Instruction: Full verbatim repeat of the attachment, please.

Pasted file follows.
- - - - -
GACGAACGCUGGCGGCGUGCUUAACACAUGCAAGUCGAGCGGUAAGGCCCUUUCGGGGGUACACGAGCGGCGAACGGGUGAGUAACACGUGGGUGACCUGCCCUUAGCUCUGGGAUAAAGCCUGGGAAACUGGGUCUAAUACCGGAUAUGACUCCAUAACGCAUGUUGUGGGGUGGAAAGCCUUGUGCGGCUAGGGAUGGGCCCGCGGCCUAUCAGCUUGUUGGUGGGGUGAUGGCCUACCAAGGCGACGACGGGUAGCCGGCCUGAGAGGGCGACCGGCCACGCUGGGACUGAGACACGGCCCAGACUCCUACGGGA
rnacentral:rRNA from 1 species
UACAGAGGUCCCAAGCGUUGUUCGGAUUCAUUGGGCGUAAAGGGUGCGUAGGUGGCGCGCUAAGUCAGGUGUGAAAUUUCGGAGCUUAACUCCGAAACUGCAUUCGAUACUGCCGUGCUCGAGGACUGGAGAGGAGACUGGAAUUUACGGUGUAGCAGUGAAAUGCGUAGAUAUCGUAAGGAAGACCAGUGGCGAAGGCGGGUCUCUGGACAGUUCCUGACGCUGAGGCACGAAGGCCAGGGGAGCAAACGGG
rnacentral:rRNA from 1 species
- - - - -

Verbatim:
GACGAACGCUGGCGGCGUGCUUAACACAUGCAAGUCGAGCGGUAAGGCCCUUUCGGGGGUACACGAGCGGCGAACGGGUGAGUAACACGUGGGUGACCUGCCCUUAGCUCUGGGAUAAAGCCUGGGAAACUGGGUCUAAUACCGGAUAUGACUCCAUAACGCAUGUUGUGGGGUGGAAAGCCUUGUGCGGCUAGGGAUGGGCCCGCGGCCUAUCAGCUUGUUGGUGGGGUGAUGGCCUACCAAGGCGACGACGGGUAGCCGGCCUGAGAGGGCGACCGGCCACGCUGGGACUGAGACACGGCCCAGACUCCUACGGGA
rnacentral:rRNA from 1 species
UACAGAGGUCCCAAGCGUUGUUCGGAUUCAUUGGGCGUAAAGGGUGCGUAGGUGGCGCGCUAAGUCAGGUGUGAAAUUUCGGAGCUUAACUCCGAAACUGCAUUCGAUACUGCCGUGCUCGAGGACUGGAGAGGAGACUGGAAUUUACGGUGUAGCAGUGAAAUGCGUAGAUAUCGUAAGGAAGACCAGUGGCGAAGGCGGGUCUCUGGACAGUUCCUGACGCUGAGGCACGAAGGCCAGGGGAGCAAACGGG
rnacentral:rRNA from 1 species